R&B artist WAJI navigates through toxic relationships in latest song ‘BMH’
Image credit: Courtesy of WAJI
Alt-pop singer-songwriter WAJI makes a splash with their newest single, “BMH,” out now. This track is a moment for the artist in which they poured their most vulnerable emotions from a beyond-challenging hardship into their art. For WAJI, this was one of their main ways of coping through an emotionally abusive relationship in which they felt more pain than pleasure. This track layers airy fingerpicking with a punchy beat, creating a breezy soundscape with an edge. The somber delivery in WAJI’s smooth vocal blossoms into a beautifully anthemic chorus built upon an empowering moment of recognition for the wrong-doings of their former lover. WAJI finds inspiration in Nigerian artists like 2Baba and Asa, who approach their songs with freshness and charisma; listeners can expect the same electric attitude from WAJI on “BMH.”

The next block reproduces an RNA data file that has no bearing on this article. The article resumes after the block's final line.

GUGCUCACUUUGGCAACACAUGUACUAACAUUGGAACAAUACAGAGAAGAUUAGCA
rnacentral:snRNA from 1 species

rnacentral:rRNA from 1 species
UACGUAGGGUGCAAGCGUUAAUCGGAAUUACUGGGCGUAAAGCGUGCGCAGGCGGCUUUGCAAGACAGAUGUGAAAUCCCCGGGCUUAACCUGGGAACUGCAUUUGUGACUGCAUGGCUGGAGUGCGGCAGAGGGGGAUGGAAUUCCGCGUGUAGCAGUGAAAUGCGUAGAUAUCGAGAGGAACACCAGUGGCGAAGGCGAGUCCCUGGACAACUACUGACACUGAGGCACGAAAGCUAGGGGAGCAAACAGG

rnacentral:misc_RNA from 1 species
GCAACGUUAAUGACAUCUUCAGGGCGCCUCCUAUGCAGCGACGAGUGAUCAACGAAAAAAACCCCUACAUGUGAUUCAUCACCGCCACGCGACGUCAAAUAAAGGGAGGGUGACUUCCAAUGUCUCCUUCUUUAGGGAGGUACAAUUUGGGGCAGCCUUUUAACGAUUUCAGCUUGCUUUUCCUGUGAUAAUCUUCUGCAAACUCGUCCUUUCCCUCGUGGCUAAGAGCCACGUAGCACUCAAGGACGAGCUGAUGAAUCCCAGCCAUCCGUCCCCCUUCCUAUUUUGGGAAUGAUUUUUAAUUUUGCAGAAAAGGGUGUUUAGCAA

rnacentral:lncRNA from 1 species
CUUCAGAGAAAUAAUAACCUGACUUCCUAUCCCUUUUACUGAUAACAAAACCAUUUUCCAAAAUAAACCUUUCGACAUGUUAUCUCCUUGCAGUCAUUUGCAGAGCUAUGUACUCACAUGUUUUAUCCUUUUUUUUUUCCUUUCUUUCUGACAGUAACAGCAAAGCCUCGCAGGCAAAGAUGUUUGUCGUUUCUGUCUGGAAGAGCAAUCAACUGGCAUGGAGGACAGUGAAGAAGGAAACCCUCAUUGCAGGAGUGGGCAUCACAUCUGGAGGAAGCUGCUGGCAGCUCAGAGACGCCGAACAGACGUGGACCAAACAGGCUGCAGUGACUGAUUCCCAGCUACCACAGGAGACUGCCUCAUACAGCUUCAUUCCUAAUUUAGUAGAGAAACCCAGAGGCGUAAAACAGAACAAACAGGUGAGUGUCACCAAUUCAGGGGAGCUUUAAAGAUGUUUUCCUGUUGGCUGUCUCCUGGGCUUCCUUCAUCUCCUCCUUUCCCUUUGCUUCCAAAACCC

Ima Ikuru, the artist behind WAJI, took a unique perspective when writing “BMH.” While the artist struggled in the midst of a painful hardship, unable to find the strength to break away from their relationship, they channeled their grief into a character with the power to take control. In collaboration with producer Don Ozi, WAJI managed to capture an empowering heartbreak anthem gearing towards a better future. “I had just left my partner’s place and was in the middle of one of my breakup fantasies,” they recall, “when Don Ozi sent me this beat, I didn’t even have to think about it, I just sat there and poured my heart out.” Featuring lyrics in Nigerian pidgin English, WAJI led the songwriting while Don Ozi took charge of the production. WAJI conveys in BMH that no matter how brave or strong, making the choice to end a relationship can be tough for anyone. As the beat switches up in the second verse, feelings of anxiety and apprehension come to fruition in lyrics like, “don’t wanna be here beside you, don’t wanna love anybody besides you.” For WAJI, “this song eventually inspired [them] to leave, and [they] hope the vulnerability of the lyrics can inspire other trapped individuals to be strong enough to set themselves free.